Commonwealth Place comprises a grassed-cupped square of approximately 100 metres by 50 metres on the southern shore of Lake Burley Griffin in the Parliamentary Zone. It is a multi-use public space equally suitable for major events and family gatherings.
Centred on Griffin’s Land Axis, the design incorporates a walkway, linking Commonwealth Place to Reconciliation Place. The rear wall of the cupped square and the walls of the walkway are clad in Australian sandstone. The walkway is paved with Australian bluestone. The under croft spaces formed by the cupped square provide accommodation for the café/restaurant and office spaces.
A paved area, Speakers Square, a Centenary of Federation gift from the Canadian Government, provides a focal space for celebrations and ceremonies. A grove of trees, planted in the form of the Southern Cross provides shade on the western side of the square.
Commonwealth Place was designed by Durbach Block Architects, in association with Sue Barnsley Design. It was awarded the Australian Capital Territory Chapter of the Royal Australian Institute of Architects Urban Award in 2003.
Commonwealth Place Forecourt
Commonwealth Place was completed in 2002. The initial works included new pavement up to the Parkes Place roadway but did not modify the area between the building and the edge of Lake Burley Griffin.
Centred on Griffin’s Land Axis, Commonwealth Place Forecourt enhances visitor use of the site by introducing a shared pedestrian zone and two jetties.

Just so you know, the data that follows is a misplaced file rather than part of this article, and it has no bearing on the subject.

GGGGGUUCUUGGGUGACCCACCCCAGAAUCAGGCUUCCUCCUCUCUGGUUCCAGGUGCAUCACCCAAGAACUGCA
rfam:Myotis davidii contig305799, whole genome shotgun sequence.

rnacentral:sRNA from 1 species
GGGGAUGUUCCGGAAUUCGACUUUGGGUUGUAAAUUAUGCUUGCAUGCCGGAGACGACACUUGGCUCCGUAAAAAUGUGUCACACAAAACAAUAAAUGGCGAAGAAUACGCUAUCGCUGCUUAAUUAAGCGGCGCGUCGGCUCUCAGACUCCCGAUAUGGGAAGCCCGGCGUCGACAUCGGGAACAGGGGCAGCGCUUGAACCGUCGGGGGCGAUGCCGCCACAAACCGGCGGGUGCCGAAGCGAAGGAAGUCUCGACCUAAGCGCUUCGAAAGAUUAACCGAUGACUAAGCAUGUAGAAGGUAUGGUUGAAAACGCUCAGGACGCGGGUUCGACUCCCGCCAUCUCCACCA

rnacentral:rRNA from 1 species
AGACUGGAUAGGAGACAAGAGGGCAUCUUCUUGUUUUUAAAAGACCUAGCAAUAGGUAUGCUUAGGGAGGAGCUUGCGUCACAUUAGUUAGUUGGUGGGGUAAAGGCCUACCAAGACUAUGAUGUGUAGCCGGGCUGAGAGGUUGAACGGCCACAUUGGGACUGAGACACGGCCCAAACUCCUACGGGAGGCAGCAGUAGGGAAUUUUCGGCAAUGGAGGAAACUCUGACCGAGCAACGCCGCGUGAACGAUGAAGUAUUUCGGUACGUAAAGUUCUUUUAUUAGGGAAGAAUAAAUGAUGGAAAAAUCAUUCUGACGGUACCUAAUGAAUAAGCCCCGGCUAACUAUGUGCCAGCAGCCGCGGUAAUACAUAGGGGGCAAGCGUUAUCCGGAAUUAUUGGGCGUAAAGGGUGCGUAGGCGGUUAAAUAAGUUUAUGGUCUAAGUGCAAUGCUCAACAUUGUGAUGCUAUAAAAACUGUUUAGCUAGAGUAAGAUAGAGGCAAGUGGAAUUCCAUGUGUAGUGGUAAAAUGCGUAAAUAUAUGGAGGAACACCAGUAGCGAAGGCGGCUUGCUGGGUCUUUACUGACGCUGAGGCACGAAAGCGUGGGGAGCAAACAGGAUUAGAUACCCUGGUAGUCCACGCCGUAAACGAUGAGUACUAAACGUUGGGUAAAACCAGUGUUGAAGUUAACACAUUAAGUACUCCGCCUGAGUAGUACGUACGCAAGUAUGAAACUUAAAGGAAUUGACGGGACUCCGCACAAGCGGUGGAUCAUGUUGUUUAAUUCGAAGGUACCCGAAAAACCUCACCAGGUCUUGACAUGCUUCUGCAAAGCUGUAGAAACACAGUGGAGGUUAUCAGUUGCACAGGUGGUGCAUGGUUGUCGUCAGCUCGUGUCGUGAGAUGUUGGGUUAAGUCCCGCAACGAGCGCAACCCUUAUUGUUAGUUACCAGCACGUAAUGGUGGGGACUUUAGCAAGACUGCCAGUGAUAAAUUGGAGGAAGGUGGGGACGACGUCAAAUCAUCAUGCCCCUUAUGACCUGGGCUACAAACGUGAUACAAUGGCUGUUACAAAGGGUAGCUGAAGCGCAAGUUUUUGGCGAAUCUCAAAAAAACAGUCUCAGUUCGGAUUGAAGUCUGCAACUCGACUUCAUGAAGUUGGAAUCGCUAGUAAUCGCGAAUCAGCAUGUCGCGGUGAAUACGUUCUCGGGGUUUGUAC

Commonwealth Place Forecourt increases the opportunity for recreational use of the lake, allowing small craft such as rowing sculls, yachts and dinghies to land easily from any direction. The jetties are constructed from recycled timber and recycled plastic was also used in construction.
The International Flag Display
The International Flag Display (the Display) in Canberra's Parliamentary Zone colorfully acknowledges the international presence in Australia's National Capital.
Originally launched in 1999, by the Governor General, the Hon Sir William Deane, the display has become an important attraction for tourists and locals alike. The Minister for Regional Development, Territories and Local Government Dr John McVeigh opened a revitalised display 13 June 2018 which saw the addition of 10 additional flags.
The revitalised Display now consists of 110 flags in total, representing 108 Missions that have a diplomatic presence as well as flags for the European Union and the United Nations.
The diplomatic core has grown significantly in the nation’s capital since the 1930's. At the conclusion of the Second World War in 1945, 12 diplomatic missions were present in Canberra. Relationships fostered on the world stage have increased this number. Now part of the Capital landscape, the diplomatic estate has grown beyond Yarralumla to the suburbs of West Deakin and O’Malley.
The Display located along the shore of Lake Burley Griffin between the High Court and the National Library fly in two offset rows. The flags are flown continuously, 24 hours a day and are lit at night, casting a vivid reflection on the Lake. Each flag pole has a plaque at its base identifying the nation whose flag is flying from that pole.
The display is arguably the largest in the world and has become very popular. Many people take the opportunity to be photographed next to the flag of their country and or take a leisurely stroll amongst the poles.